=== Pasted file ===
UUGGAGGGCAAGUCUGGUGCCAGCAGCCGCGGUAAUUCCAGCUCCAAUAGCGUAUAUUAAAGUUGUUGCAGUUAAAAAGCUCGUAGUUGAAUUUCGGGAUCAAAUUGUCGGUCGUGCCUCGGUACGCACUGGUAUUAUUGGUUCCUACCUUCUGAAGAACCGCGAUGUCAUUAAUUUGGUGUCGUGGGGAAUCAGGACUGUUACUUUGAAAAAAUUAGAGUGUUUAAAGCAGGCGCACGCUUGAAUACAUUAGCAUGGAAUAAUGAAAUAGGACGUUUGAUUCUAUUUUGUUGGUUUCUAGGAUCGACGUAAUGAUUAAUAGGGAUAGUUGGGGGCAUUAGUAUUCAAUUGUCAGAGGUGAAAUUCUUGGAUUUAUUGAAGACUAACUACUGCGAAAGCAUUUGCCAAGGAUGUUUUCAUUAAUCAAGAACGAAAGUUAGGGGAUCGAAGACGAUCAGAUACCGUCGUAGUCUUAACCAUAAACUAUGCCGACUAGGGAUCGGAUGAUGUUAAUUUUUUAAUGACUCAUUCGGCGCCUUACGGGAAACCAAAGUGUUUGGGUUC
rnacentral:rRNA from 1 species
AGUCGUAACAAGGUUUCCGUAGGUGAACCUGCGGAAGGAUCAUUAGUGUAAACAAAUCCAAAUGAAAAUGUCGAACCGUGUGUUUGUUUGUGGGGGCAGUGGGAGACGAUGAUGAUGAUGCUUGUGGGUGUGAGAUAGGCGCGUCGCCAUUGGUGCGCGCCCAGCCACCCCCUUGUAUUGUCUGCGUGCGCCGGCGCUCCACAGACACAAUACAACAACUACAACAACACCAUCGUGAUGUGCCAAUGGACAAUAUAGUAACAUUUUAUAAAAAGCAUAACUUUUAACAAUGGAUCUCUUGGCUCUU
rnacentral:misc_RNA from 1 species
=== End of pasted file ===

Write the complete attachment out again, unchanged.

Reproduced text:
UUGGAGGGCAAGUCUGGUGCCAGCAGCCGCGGUAAUUCCAGCUCCAAUAGCGUAUAUUAAAGUUGUUGCAGUUAAAAAGCUCGUAGUUGAAUUUCGGGAUCAAAUUGUCGGUCGUGCCUCGGUACGCACUGGUAUUAUUGGUUCCUACCUUCUGAAGAACCGCGAUGUCAUUAAUUUGGUGUCGUGGGGAAUCAGGACUGUUACUUUGAAAAAAUUAGAGUGUUUAAAGCAGGCGCACGCUUGAAUACAUUAGCAUGGAAUAAUGAAAUAGGACGUUUGAUUCUAUUUUGUUGGUUUCUAGGAUCGACGUAAUGAUUAAUAGGGAUAGUUGGGGGCAUUAGUAUUCAAUUGUCAGAGGUGAAAUUCUUGGAUUUAUUGAAGACUAACUACUGCGAAAGCAUUUGCCAAGGAUGUUUUCAUUAAUCAAGAACGAAAGUUAGGGGAUCGAAGACGAUCAGAUACCGUCGUAGUCUUAACCAUAAACUAUGCCGACUAGGGAUCGGAUGAUGUUAAUUUUUUAAUGACUCAUUCGGCGCCUUACGGGAAACCAAAGUGUUUGGGUUC
rnacentral:rRNA from 1 species
AGUCGUAACAAGGUUUCCGUAGGUGAACCUGCGGAAGGAUCAUUAGUGUAAACAAAUCCAAAUGAAAAUGUCGAACCGUGUGUUUGUUUGUGGGGGCAGUGGGAGACGAUGAUGAUGAUGCUUGUGGGUGUGAGAUAGGCGCGUCGCCAUUGGUGCGCGCCCAGCCACCCCCUUGUAUUGUCUGCGUGCGCCGGCGCUCCACAGACACAAUACAACAACUACAACAACACCAUCGUGAUGUGCCAAUGGACAAUAUAGUAACAUUUUAUAAAAAGCAUAACUUUUAACAAUGGAUCUCUUGGCUCUU
rnacentral:misc_RNA from 1 species